Starman – across the final frontier with Kenneth John Brown (1930–2015)

My father, Ken Brown, died at the weekend, and while I’ve previously offered sage advice that you need to keep your blog focused – no dancing cat videos on a travel blog – I think I’m allowed this one tangential journey to celebrate the life of an extraordinary man.

He was, in any case, far more of an adventurer and traveller than I’ll ever be.

While the 18-year-old me InterRailed around Europe on a well-trod backpackers’ circuit, my 18-year-old dad had cycled to France and back – camping out under the stars in a Europe recently torn apart by war.

Spain, Ghana and 47 other countries

He drove mum to Barcelona in 1958 for their honeymoon – when Barcelona was a dodgy port city with attitude and not a designer lifestyle destination – and two years later got a teaching job in Ghana, West Africa. They came home with me – I was born, not acquired – and dad continued to travel, as he established himself as a teacher and, later, as an overseas technical education specialist.

In all, he worked in 47 different countries, from Sierra Leone to the Seychelles. That’s worked in – not just visited – and it’s still more than the total number of countries I’ve seen as a professional travel writer. He mourned the desecration of places like Iraq – a country that he’d visited in less quarrelsome times and had been received with great hospitality.

And yes, as I surely never would, he’d eaten the proffered sheep’s eyes and chickens’ gizzards at various diplomatic dinners. Bit tough and slippery, apparently, the old sheep’s eye.

Dad was miffed he never got to work in 50 countries, though as he also visited at least another 30, across Europe, North and South America, Asia and the Pacific, he didn’t do so badly. Together with mum, he travelled overland from India to Nepal, flew around Mount Everest, gazed upon Machu Picchu, walked on the Great Wall of China, crossed the prairies of Canada, and saw the sun set over Uluru as they drank champagnge from the back of a jeep.

His travel stories were many and varied, and we loved them all. “Johannesburg?”, he’d say, “The hotel told me it was too dangerous to take a walk outside, but I thought that was ridiculous so I went for a stroll. Got pushed over and robbed within 50 yards”. That was one of his favourites.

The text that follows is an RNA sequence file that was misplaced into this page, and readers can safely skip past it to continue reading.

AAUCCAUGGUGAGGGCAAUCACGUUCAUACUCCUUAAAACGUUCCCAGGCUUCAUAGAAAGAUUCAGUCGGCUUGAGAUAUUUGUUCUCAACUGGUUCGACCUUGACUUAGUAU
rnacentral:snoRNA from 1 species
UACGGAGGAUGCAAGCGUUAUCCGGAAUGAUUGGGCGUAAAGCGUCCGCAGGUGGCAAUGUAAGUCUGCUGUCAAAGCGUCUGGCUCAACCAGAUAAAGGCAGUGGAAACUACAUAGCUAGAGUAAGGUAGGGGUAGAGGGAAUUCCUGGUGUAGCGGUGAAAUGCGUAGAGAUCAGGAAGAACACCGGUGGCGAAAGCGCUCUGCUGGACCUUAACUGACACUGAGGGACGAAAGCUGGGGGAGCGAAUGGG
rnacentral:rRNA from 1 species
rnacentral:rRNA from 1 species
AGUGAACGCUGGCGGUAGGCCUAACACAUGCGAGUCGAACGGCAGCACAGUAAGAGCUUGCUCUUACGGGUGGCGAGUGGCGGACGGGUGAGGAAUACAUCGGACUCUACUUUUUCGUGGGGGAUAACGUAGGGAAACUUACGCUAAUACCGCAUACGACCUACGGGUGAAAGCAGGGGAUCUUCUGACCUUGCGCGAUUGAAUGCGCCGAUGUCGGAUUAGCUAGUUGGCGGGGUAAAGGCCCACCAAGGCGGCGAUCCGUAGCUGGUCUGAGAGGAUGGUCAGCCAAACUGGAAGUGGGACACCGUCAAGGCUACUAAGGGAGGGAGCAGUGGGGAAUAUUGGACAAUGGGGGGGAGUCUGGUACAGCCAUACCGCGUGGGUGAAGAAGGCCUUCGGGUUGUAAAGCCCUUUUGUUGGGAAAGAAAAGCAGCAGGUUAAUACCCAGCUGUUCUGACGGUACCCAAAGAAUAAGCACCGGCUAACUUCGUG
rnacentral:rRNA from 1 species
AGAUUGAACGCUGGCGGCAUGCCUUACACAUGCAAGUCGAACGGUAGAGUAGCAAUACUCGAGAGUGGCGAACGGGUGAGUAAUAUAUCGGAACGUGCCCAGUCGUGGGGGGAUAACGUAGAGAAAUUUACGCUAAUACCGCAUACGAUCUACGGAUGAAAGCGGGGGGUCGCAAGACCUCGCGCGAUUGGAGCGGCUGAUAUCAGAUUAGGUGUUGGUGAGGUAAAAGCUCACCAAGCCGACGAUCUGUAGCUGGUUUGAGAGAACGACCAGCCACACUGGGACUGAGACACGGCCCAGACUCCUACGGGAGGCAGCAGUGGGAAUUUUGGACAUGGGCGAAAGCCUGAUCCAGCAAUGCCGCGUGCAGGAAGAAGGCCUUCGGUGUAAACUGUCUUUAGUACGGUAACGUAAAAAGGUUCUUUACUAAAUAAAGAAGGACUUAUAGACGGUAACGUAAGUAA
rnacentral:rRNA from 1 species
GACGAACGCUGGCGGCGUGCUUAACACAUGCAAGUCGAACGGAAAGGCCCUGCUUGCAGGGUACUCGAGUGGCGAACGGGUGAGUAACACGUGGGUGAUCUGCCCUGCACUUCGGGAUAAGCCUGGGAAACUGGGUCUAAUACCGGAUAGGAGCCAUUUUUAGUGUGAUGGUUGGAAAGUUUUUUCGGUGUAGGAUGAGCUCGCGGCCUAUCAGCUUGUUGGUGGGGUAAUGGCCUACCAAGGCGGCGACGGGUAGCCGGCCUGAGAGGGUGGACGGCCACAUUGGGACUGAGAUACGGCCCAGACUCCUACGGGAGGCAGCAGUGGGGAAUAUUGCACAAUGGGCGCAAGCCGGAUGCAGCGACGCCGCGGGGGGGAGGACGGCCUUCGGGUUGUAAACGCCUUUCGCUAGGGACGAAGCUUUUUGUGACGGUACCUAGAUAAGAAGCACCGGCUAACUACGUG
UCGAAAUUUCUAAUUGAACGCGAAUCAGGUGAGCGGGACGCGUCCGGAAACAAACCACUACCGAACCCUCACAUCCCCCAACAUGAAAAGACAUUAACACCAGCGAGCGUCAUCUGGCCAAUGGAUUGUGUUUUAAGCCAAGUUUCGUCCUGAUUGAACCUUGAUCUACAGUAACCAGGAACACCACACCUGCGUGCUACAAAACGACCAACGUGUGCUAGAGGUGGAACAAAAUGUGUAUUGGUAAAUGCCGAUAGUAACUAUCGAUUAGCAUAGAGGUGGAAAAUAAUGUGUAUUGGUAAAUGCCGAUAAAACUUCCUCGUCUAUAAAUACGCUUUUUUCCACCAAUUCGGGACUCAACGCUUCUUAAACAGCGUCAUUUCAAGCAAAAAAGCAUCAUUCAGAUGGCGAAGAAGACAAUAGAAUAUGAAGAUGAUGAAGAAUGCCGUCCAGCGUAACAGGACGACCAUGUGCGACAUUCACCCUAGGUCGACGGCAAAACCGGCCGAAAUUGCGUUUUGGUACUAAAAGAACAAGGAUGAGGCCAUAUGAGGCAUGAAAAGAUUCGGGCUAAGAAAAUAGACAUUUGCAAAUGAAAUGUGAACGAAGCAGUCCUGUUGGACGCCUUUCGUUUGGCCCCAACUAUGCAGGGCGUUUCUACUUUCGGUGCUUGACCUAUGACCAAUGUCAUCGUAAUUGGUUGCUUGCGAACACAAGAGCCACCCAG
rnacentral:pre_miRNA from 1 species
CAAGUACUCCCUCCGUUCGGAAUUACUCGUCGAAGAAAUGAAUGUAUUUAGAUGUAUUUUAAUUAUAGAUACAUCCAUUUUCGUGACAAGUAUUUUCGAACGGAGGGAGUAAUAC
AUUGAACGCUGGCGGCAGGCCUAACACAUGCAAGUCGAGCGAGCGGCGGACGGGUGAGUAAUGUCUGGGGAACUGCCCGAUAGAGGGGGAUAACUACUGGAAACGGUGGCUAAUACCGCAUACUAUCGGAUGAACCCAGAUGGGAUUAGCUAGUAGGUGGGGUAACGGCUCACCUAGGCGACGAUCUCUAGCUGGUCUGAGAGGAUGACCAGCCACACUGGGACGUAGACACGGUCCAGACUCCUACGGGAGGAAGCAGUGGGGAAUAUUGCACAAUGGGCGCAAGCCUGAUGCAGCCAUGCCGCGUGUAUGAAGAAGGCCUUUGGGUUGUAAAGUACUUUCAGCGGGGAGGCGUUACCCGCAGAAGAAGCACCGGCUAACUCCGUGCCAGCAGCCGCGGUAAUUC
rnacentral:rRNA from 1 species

Dad was an internationalist in every sense of the word

Dad was an internationalist in every sense of the word. He saw people, where others see countries and borders, and he exposed our family to a life shared with other cultures.

For example, I have a Ghanaian birth certificate – signed by one Basil Raymond Robinson Rainbow, who must surely have had to emigrate to Ghana simply to escape the endless ribbing about his name. My sister Joanna got grass skirts from Fiji; the first babysitters we ever had were dad’s Cypriot students; and the first wedding meal we ever went to was an Indian banquet at a house in Huddersfield.

We travelled together in later years, dad and I, to Spain and Portugal. I’ll come along to help with the driving, he said, and 2,000 miles later he still hadn’t so much as sat in the driver’s seat. He navigated, which involved me saying “as long as we don’t have to drive through the centre of Barcelona, I’ll be fine” and him saying, “OK, turn left here”, which entirely predictably led to driving right through the centre of Barcelona in rush hour. “Hm”, said dad, “perhaps it was right”.

We would find a hotel, retire to our rooms and come down in time for dinner, dressed in almost identical ‘Man About Europe’ travelling outfits. Mum bought dad’s clothes for him in Marks & Spencer. I have no excuse. We’d then study the menus and, without consultation or agreement, order exactly the same thing – cured meat and salad, steak, crema catalana, red wine, brandy and coffee. The waiters must have been killing themselves with laughter.